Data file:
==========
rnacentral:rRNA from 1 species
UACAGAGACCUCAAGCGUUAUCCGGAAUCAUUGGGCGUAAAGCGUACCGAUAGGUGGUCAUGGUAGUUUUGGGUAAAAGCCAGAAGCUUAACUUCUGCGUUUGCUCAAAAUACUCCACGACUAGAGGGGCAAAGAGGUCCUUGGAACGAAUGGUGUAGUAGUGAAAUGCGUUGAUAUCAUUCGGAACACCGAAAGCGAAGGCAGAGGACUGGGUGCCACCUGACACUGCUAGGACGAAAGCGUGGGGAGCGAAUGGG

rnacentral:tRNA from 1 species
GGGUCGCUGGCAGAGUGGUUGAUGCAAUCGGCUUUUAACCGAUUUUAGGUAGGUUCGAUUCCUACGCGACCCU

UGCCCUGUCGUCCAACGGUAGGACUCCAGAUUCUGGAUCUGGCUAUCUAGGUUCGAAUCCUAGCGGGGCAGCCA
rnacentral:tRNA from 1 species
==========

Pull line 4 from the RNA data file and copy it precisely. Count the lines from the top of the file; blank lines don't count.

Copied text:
GGGUCGCUGGCAGAGUGGUUGAUGCAAUCGGCUUUUAACCGAUUUUAGGUAGGUUCGAUUCCUACGCGACCCU